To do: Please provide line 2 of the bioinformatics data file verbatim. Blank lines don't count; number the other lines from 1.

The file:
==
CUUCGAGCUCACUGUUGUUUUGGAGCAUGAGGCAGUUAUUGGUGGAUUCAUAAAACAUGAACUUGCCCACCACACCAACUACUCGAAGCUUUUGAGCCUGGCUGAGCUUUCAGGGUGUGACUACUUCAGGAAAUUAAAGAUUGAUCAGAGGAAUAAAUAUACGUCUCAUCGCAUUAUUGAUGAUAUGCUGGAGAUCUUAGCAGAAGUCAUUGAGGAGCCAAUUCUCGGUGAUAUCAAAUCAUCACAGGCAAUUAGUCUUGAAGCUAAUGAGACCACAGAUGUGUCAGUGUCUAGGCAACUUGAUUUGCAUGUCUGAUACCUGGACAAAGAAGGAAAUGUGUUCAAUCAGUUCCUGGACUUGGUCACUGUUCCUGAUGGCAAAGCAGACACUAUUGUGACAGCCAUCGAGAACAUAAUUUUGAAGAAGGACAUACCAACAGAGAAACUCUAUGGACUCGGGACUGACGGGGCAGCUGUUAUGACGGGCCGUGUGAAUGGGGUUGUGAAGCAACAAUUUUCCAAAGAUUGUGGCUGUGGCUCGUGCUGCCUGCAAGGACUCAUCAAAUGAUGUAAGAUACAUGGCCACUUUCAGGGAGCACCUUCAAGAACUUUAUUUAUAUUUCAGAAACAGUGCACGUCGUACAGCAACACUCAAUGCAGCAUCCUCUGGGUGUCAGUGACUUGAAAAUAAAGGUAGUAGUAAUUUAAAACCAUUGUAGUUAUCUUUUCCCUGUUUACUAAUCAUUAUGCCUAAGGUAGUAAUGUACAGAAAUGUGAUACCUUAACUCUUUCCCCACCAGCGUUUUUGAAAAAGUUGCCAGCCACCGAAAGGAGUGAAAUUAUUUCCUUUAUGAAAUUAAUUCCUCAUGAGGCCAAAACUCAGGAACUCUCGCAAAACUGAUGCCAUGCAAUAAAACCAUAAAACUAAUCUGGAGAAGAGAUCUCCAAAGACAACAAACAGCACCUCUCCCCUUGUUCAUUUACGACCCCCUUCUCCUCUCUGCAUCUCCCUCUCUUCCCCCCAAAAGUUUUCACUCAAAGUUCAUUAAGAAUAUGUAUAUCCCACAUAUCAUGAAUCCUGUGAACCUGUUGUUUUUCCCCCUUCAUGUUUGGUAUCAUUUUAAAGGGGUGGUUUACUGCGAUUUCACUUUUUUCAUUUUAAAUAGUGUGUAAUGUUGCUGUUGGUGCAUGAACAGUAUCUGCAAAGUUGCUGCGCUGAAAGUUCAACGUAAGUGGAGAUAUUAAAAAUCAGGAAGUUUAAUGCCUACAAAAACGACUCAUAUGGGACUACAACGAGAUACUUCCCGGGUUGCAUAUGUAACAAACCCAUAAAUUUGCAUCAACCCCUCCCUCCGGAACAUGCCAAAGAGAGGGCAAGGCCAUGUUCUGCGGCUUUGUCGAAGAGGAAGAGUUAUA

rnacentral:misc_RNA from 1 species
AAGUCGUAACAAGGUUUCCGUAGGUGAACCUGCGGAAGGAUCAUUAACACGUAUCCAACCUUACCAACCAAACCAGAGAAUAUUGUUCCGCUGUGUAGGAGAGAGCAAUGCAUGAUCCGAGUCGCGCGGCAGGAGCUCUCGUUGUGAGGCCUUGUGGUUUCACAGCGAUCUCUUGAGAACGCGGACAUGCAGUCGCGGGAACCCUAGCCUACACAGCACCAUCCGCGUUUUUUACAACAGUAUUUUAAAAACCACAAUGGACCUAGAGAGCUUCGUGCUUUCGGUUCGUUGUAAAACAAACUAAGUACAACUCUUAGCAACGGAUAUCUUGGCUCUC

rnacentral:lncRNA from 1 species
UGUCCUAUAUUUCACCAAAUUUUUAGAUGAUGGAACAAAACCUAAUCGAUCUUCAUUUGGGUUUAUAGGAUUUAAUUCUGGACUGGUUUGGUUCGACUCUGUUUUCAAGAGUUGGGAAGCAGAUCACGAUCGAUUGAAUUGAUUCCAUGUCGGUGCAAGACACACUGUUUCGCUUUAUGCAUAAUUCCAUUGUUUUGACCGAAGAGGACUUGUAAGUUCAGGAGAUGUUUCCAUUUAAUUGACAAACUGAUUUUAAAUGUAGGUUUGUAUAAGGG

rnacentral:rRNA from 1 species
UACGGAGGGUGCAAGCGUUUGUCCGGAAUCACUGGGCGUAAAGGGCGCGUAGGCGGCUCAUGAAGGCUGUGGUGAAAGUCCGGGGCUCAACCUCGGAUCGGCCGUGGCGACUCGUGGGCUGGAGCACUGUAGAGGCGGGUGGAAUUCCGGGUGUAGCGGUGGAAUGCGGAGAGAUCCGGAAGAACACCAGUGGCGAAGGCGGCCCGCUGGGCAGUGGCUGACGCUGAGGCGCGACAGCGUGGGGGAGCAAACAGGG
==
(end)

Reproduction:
rnacentral:misc_RNA from 1 species